The rings could be caused by mechanical laminitis caused by too much work on hard ground and the lumps and bumps could tie in with that.

Just winging it is not a plan
jaydee is offline  
post #4 of 9 Old 09-20-2020, 05:31 PM
Super Moderator
 
Join Date: Jun 2008
Posts: 22,607
• Horses: 0
Ditto to Jaydee. Def looks like 'ringbone' on that right hind pastern but looks lumpy in other legs too. But if 'only' high & non articular ringtone, may not effect anything much, which maybe why your coach not worried - assuming they know what's what. Are other lumps hard or soft? Have U had rads?

Yeah over at knee, going along with high heels in front. The 'ledges' above all hooves suggest hoof walls pushed up into soft tissue & bones likely low in capsule. Maybe 'just' from chronically long, peripherally loaded walls. Correctable. Will draw on couple pics to illustrate what I see when on computer later.
loosie is offline  
post #5 of 9 Old 09-20-2020, 05:33 PM
Super Moderator
 
Join Date: Jun 2008
Posts: 22,607
• Horses: 0
Oh & good pics for confo but if U want hoof critique, need other angles - see link in my signature for what's needed.
JoBlueQuarter likes this.
loosie is offline  
post #6 of 9 Old 09-20-2020, 09:29 PM
Super Moderator
 
Join Date: Jun 2008
Posts: 22,607
• Horses: 0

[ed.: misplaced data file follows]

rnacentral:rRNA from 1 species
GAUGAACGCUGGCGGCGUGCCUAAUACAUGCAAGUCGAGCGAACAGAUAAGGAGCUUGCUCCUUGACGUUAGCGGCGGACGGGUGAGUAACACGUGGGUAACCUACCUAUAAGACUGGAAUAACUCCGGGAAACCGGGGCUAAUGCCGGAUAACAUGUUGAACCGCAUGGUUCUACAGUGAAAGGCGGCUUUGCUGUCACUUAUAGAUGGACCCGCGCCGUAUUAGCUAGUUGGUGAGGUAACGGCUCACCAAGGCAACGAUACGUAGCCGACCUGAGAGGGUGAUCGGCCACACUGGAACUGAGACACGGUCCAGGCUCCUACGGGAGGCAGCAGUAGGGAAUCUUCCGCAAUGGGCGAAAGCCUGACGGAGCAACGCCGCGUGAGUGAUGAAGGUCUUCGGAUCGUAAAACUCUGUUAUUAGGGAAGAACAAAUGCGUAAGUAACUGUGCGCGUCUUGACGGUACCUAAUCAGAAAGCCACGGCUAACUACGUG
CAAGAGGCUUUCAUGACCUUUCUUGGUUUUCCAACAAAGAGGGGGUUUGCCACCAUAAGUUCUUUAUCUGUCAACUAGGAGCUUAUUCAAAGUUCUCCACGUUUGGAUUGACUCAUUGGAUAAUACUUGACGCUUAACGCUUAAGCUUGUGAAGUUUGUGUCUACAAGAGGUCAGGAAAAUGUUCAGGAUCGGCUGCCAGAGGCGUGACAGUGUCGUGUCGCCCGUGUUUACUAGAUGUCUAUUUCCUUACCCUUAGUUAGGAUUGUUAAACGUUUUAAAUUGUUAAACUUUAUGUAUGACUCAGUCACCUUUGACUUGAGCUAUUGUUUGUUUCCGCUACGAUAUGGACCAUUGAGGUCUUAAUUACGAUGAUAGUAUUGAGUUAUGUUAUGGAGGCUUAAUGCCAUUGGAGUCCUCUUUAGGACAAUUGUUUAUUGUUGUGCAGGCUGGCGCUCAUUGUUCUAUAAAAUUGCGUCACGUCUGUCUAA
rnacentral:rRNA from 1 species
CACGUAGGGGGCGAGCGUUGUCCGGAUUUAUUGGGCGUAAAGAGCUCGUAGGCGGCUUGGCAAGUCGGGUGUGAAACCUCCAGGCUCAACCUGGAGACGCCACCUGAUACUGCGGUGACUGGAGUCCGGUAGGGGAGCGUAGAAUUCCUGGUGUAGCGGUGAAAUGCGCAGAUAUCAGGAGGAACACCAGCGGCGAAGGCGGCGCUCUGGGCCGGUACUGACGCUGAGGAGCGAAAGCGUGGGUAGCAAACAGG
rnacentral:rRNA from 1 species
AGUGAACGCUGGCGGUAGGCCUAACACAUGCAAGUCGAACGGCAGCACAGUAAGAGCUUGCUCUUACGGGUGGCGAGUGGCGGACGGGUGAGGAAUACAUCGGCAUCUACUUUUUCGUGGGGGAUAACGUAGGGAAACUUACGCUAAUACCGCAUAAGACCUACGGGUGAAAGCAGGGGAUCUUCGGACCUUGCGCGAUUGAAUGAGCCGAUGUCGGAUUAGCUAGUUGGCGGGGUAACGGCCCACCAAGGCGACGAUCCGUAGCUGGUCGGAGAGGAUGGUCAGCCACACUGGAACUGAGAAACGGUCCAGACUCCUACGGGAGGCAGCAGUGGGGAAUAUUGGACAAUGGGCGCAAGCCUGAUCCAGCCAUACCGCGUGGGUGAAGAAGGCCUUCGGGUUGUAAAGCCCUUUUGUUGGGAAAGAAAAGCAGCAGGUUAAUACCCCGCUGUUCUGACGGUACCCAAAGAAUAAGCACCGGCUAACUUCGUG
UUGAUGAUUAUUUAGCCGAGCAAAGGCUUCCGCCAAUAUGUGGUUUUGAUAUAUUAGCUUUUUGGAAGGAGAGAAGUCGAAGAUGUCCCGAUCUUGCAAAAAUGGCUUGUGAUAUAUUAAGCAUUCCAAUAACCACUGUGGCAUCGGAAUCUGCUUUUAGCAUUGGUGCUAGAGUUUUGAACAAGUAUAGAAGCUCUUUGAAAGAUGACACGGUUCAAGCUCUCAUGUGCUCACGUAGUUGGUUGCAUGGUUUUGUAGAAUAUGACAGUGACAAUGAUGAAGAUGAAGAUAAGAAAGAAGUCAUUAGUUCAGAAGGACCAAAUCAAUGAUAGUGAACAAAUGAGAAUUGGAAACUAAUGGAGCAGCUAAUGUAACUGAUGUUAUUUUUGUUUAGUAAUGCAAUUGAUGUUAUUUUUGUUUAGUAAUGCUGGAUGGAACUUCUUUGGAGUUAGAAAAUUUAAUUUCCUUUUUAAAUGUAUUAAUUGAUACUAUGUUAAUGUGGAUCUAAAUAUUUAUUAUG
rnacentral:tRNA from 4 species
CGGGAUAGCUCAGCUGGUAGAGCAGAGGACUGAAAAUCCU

OK, apologies for being a bearer of bad news. **Bearing in mind that as mentioned, the 'ringbone' might not actually cause her much grief for a fair while at least, also with only a few pics & little info to go on, maybe not quite as it seems... So, first 'port of call' I would absolutely, as Jaydee suggested, have a good equine vet come check her out & xray, to see for sure what the extent of the damage is. How old is the horse & what is her history?

Also get the horse well trimmed, to get her feet in better shape - I'd do all that before I'd consider doing any jumping or such with her. I'd actually only ride/work the horse lightly & on yielding footing until her feet are in much better shape.

Now, first the foot question. As said in your other thread, rings & ridges like that are commonly diet/metabolic related, but can be from other causes too, including mechanical. As they are relatively uniform on all feet, pretty frequent, I would be thinking it's systemic. But there are also some pretty significant mechanical issues as well, which will be able to be corrected with good hoofcare & management.